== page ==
The 2nd District Court of Appeal added that the city law did not exist to protect building owners from lawsuits or provide a reason to delay retrofits.

The idea behind the retrofit law “is not the promotion of the interests of building owners. Instead, the overriding policy is public safety,” the court ruled.

The California Supreme Court in 2010 denied the owners’ request to review the case.

A new campaign

The question of quake liability could become an issue as Los Angeles moves forward with a new earthquake safety campaign.

Mayor Eric Garcetti’s plan to grade buildings by their earthquake risk — possibly using letter grades or a number of stars — would allow tenants and guests to know the seismic safety of every building in Los Angeles.

Garcetti has also said he wants some type of mandatory retrofit program.

Though Los Angeles has already ordered retrofits of brick structures similar to the Acorn building, the city is now considering mandatory retrofits of other potentially dangerous buildings. A Times investigation last year found more than 1,000 older concrete buildings across Los Angeles, of which experts say as many as 50 would collapse in a major earthquake.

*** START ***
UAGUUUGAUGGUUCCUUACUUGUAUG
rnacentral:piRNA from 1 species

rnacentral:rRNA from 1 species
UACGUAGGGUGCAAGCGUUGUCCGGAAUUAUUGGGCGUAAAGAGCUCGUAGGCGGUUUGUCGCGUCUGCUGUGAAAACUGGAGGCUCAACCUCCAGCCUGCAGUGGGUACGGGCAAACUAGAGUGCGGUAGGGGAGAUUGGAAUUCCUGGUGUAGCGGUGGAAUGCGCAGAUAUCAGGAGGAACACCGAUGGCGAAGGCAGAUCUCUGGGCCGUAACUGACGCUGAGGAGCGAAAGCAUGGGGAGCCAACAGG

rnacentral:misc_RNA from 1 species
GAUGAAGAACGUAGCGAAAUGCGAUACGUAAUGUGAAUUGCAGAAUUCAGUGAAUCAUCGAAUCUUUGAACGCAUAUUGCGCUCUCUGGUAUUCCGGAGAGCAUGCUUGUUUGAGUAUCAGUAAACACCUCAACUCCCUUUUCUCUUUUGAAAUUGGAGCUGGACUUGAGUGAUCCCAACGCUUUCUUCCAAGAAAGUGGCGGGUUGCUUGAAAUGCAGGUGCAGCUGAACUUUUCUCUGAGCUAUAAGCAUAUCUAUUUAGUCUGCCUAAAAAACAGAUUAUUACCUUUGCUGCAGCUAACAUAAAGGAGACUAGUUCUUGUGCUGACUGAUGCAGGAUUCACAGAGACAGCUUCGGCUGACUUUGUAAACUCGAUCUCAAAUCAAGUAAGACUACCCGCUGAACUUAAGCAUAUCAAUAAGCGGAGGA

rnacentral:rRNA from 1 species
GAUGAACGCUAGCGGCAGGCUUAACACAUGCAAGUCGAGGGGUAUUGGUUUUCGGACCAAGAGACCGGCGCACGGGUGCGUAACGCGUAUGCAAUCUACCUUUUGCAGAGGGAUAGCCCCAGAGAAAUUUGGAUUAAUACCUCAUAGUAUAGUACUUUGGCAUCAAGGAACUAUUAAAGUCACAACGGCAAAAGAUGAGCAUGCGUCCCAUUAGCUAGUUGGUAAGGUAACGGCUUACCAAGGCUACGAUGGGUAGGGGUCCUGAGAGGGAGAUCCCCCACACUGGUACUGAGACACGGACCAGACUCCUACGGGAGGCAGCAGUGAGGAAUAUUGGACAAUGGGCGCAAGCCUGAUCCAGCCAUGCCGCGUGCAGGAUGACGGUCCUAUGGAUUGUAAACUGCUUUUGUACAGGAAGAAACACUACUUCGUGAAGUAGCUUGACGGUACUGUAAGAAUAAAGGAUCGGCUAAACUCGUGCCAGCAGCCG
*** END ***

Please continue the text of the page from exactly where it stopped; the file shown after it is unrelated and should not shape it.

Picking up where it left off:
There are an unknown number of wood apartment buildings with weak first stories. That type of building has been a concern in Los Angeles since the Northridge Meadows apartment collapse.

Property owners say liability issues are a huge concern. Beverly Kenworthy, executive director of the Los Angeles division of the California Apartment Assn., said any retrofitting ordinance needs to come with a way to ensure that owners can pay for and complete retrofits quickly, such as through tax credits or access to low-interest loans.

“Even if you are retrofitting … what happens if you don’t get it done in time and an earthquake happens?” she said. “It’s worrisome.”

A grading system would be problematic, she added, unless it came with a retrofitting plan that provides financial help. Otherwise, she said, many owners would struggle to make their buildings safer on their own.

Legal experts said that property owners could be held financially responsible even if the city doesn’t act.

“Willful ignorance doesn’t really help you,” Nockleby said. “The standard isn’t, ‘What did you know?’ In fact, the standard is, ‘What would a reasonable owner know?’ And a reasonable owner is certainly aware of earthquakes.”

Added Stanford Law School associate professor Nora Freeman Engstrom: “The jury will decide: Did you act reasonably? And certainly, a jury could decide you should’ve known — it was unreasonable for you not to act.”